• how this writer learnt to steam things up

    Posted on by Kim

    So, how does a woman who doesn’t drive, who was strongly advised not to take Physics GCSE, and who knows too much pop trivia for her own good end up writing steampunk? Shouldn’t I at least have a rudimentary background in engineering and mechanics? I’m as puzzled as anyone else, but regardless of mine and steampunk’s seeming incompatibility on paper, I am passionate about the genre and find that it tends to infuse much of my work as a writer. To me, there are few things as fascinating, awe-inspiring and ever so slightly terrifying as the steam engine in action. In addition, while I am hugely inspired by the aesthetic qualities of steampunk…thick bottle glass, brass fittings, nuts, bolts, valves, gauges, dials, leather, stained glass, etc…it is their combination with the grime of steam power which sells the genre to me most. And this is where I find the greatest paradox between my persona as an individual and my persona as a writer. I am not the most practical soul around, but give me a story to write and I want to sink my hands deep down into the oil-slicked guts of the thing. I want to tunnel underground, explore the filth-encrusted backstreets, visit opium dens and drag races and fifties diners and carnivals and lawless pioneering towns…

    I used to worry that I lacked the necessary qualifications to write about the mechanisms behind steampunk. But increasingly I’m understanding that so long as a writer is willing to do considerable research, it is sometimes an advantage not to understand a subject too well. Because that is where reality breaks down and imagination takes flight. I am also reassured that the adage, ‘write what you know’ can be a red herring. How’s about if instead of it being a literal case of write what you know – example, a fisherman writes about fishing and, well, fish – it should be a case of write what you find flows easiest and is received the best by readers. In the past I got hung up on subject matter, restricting myself to suitably ‘feminine’ story lines, fairy tales and pretty fantasy. These are genre traditions I still love and will definitely write about again. But what I’ve discovered recently is that my writing style lends itself to action, mechanicals, fight scenes and their ilk. It turns out that what I know is a certain writing style, and most tellingly, the reason I know its working is because I turn off my inner critic when I write it. I trust myself in the steam/gaspunk environment in a way that is liberating.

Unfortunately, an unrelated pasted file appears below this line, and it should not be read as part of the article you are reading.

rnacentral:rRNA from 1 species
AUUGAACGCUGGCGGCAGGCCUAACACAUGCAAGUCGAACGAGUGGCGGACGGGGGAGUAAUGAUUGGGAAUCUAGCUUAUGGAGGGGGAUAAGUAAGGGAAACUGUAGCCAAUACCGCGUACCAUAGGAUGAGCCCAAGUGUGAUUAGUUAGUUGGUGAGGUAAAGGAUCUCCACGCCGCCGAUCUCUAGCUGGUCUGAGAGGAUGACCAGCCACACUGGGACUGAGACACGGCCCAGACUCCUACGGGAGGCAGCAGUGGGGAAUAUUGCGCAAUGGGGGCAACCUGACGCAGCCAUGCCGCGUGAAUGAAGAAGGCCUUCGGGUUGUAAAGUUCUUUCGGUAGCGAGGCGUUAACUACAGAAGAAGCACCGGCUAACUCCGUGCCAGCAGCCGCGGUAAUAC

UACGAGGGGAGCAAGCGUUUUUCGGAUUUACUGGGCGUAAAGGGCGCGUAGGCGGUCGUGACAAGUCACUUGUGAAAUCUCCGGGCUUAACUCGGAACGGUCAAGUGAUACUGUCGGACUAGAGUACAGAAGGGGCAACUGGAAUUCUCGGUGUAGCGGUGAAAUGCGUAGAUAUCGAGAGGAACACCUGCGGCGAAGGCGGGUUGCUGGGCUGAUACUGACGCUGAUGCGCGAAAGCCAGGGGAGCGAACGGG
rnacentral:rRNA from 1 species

Another consolation in all this is that there are examples of incredibly sheltered, naive women who have written some of the most stunning works in history. Emily Bronte for one. Author of the vicious, bleak, fiercely sexual Wuthering Heights. Daughter of a curate, habitant of isolated moorland, who died age thirty and single, and published this solitary seminal work. In our contemporary climate, we have songwriter, Diane Warren, a spinster who has been known to work on Christmas Day and who is responsible for writing some of the most beautiful, commercially successful love songs of our time, Aerosmith’s Don’t Want To Miss A Thing, Alice Cooper’s Bed Of Nails (co-wrote), The Sugar Babes’ Too Lost In You, Toni Braxton’s Un-break My Heart, and many more.

    My point is not to compare myself in anyway to these women, both of whom might be classed as geniuses in their fields, but to illustrate that what we know may be something that only emerges through practice, tenacity, even accident.

    I have faced criticism at times for not being SF enough. I hold up my hands entirely and admit that my stories will probably never slot comfortably into traditionally defined SF or dark fantasy. I’d say that’s probably true for a lot of genre writers. But what I am is pedantic about realism and the detail, and this is why I think I have found such a kinship with steampunk. I guess, despite appearances, I’m a soot and oil stained grease monkey at heart. Just so long as I don’t have to relinquish the pop trivia.

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